The Oculus Rift is opening up for preorders tomorrow, but that doesn’t mean HTC is going to let you forget about its new Vive development kit.

As part of the promotion for the new Vive Pre, the name for the second development kit, HTC unleashed a new promotional video for the device at the Consumer Electronics Show in Las Vegas. This marketing push definitely focuses on what the experience is like by having real actors surrounded by computer-generated graphics that simulate what it might feel like to use the Vive. As always, the VR participants are gorgeous humans with lean bodies, and — again, as always, they look pretty dumb. This is another example of VR companies struggling to show off their new tech in a way that outsiders can understand, and it’s a problem the industry will likely have to overcome if it’s really going to reach $150 billion in sales by 2020 like tech advisor Digi-Capital predicts.

Check out the new Vive ad for yourself:

At least HTC has learned that you should tell the actors to keep their mouths closed.

Now, HTC is in no way alone in struggling to market VR. We’ve seen Sony look a bit lost during stage demos for PlayStation VR as recently as last month. During the PlayStation Experience event in San Francisco in December, the company suffered through technical glitches (which aren’t unreasonable or unexpected), but it was boring to watch and didn’t convey a fun experience.

Both Sony’s and HTC’s efforts have proven that it’s really hard to get the message across about VR to consumers. You can either bumble through an onstage demonstration, or you can fake it with actors who look like they’re in a high-definition version of a Sega CD full-motion-video game like Night Trap. Hell, Sony has done one of those itself, and the company even sprinkled an embarrassing amount of fake esports on top of it in the the promo video for Rigs, a PS VR game:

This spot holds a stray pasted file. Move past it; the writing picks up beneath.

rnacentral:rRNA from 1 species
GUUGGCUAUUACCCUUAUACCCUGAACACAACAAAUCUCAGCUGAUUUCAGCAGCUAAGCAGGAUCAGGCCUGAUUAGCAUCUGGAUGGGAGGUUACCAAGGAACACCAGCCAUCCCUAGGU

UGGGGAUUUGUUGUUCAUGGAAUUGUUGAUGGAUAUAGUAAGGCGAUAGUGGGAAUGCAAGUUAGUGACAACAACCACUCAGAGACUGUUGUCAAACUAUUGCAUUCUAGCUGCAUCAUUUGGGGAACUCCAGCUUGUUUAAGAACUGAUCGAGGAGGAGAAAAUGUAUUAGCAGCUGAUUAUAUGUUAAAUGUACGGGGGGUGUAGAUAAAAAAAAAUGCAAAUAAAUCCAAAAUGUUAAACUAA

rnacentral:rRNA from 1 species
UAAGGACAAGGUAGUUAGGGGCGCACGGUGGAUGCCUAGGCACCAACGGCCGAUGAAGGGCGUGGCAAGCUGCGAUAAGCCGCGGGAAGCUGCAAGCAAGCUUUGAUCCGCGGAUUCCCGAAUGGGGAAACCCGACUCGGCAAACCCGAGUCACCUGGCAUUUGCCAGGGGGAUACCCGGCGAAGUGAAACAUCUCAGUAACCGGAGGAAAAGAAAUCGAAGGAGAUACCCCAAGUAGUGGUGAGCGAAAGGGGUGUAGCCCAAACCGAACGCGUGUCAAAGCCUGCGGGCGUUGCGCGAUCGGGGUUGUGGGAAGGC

As dumb as these videos make VR and the games look, we keep getting them for a reason: No one knows how to sell virtual reality yet. As these products reach the market, you’re going to hear the converted say the phrase “you just have to try it” to skeptics over and over. That’s because words and even pictures or video cannot capture the experience of entering a simulated reality. At least not yet.

That’s one of the big reasons that market-research firm SuperData expects most people to engage with cheap versions of VR like Google Cardboard first in 2016. That will give people the chance to taste this technology without having to make a big up-front investment in hardware.

The only alternative to sending out a ton of free Cardboard kits — something Google has done over and over — is possibly setting up demo kiosks at physical retailers. But that seems like it could get expensive quickly, since you’d need someone running these stations to keep the headset clean and to troubleshoot any problems.

But until Oculus, HTC, and Sony figure out how they want to do this, we’ll probably keep getting good laughs from their marketing departments and video teams.

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